Sgt. Maj. Michael “Tony” Grinston is no stranger to a weight room. As a matter of fact, anytime he traveled to bases around the world, the nearest gym felt like home to him. He’s been known to take part in workouts with service members, even when he is in uniform. One of his most famous photos is him deadlifting three plates at a base overseas, which impressed the soldiers watching him in the weight room that day. Grinston always jumps at the chance to clang and bang on the iron because fitness is a pillar in his life.
“It’s very important to me,” he said. “I can’t imagine my life without fitness. I still get up first thing and run because it can give me clear thoughts and wonderful clarity.”
A native of Alabama, Grinston’s first connection to sports and fitness came justfrom playing outside when he was a kid. Like many kids in his home state (Roll Tide), he watched college football and played the sport himself at the younger levels growing up. He was also into martial arts and running.
“I don’t remember a time that I wasn’t out doing something active.”
Grinston joined the United States Army in 1987 when he was 17 years old. He completed basic training in Fort Sill, Oklahoma. His family is familiar with service thanks to his grandfather and uncle, but he clearly didn’t envision the long-term career he would wind up having when he first signed up. Along with serving his country, he wanted to set himself up for the future.
“When I first joined, I was thinking about how I could use some college money, and I had several friends that were joining. We had always talked about it, so when the opportunity came up, I took it.”
Grinston reported that he didn’t score 300 on his first PT test, but he still passed it. Others were glad he passed, but he was disappointed he didn’t max it out. He immediately committed himself to reaching that goal. All he needed was the incentive to know he didn’t the first time.
“I did it again after basic training and got 299. The running took some time to master because I had to get under 12 minutes. Once I was able to master that, I got 300.”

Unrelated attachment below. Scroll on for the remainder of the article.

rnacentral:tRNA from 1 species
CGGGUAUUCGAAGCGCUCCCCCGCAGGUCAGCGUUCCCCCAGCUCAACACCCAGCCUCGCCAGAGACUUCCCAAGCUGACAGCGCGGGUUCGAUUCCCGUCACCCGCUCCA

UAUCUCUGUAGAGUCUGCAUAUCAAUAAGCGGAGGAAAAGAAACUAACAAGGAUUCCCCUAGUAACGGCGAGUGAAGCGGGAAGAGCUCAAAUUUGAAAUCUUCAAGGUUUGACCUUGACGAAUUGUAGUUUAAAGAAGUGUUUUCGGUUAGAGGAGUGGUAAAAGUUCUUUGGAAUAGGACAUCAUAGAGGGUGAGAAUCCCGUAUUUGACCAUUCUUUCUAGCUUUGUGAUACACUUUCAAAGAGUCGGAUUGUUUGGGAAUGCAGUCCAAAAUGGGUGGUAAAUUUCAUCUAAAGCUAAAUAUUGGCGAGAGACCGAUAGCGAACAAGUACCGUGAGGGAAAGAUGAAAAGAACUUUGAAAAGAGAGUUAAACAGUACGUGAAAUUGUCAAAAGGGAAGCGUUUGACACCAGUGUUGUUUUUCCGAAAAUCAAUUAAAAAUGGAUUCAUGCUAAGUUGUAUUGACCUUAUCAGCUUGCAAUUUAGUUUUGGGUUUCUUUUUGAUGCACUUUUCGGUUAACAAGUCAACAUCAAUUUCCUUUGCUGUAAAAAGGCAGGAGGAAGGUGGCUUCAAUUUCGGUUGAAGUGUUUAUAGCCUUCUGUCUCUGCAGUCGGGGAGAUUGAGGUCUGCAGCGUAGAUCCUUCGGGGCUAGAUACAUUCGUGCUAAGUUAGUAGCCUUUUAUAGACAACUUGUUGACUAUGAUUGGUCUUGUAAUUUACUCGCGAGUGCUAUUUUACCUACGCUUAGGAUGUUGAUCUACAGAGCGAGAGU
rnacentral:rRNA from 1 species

That commitment to personal excellence transferred to his life in service. Throughout Grinston’s career, he would be deployed overseas multiple times, including as a part of Operations Desert Storm, Desert Shield, Iraqi Freedom, New Dawn, Inherent Reserve, Enduring Freedom, and to Kosovo. He has held several leadership positions in artillery throughout his journey, and that leadership has provided a great service to his country. Part of that leadership included showing others that they were capable of more than they believed.
“If they said, ‘I can’t do that, it’s too hard,’ I would tell them to add the word ‘yet.’ You can’t do it yet. Adding that word can make a big difference, and that helped them figure out how to do it. It was all about the mindset.”
Over two decades after he joined the Army, he found himself being sworn in as the 16th Sargeant Major of the Army on Aug. 9, 2019. That was never a formal goal for him when he first committed to service, but he was honored to have held the position.
“There were a lot of things going through my mind that day. There are a lot of responsibilities that come with that,” he explained. The husband and father of two would end his active-duty career in service in 2023 with several honors, including the Army Distinguished Service Medal, Defense Superior Service Medal, Legion of Merit (2nd award), Bronze Star Medal with Valor (2nd award), and the Bronze Star medal (3rd award). Along the way, he earned the Ranger tab, Master Parachutist badge, Air Assault badge, Drill Sergeant Identification badge, and the Combat Action Badge.
Starting in January 2024, Grinston began a new career, but it isn’t too far away from his previous one. He now works as the CEO of Army Emergency Relief (AER), a nonprofit organization assisting soldiers and families in financial need. While he is working in a new role, he’s still in a leadership role and making a difference in the lives of America’s heroes in uniform and their families.
“If a soldier goes on emergency leave and needs assistance to fly back, we’re going to help you get that ticket. That is a combination of grant and loan. We also do scholarships for family members and children. AER is a great organization, and I’m really proud they selected me to lead that organization.”
Aside from his new professional role, he still considers himself an advocate for fitness and wellness. He hopes that he can continue to spread the good word of health to both veterans and future members of the military. He intends to remain an example through his actions as well as his words. As someone who has been physically pushing himself since childhood, he finds himself to be his best when he focuses on his fitness.
“To this day, I’m still that way. I don’t know what the world would be like for me if I wasn’t active. That is not a life I want to have.” For more information about Army Emergency Relief, go to www.armyemergencyrelief.org.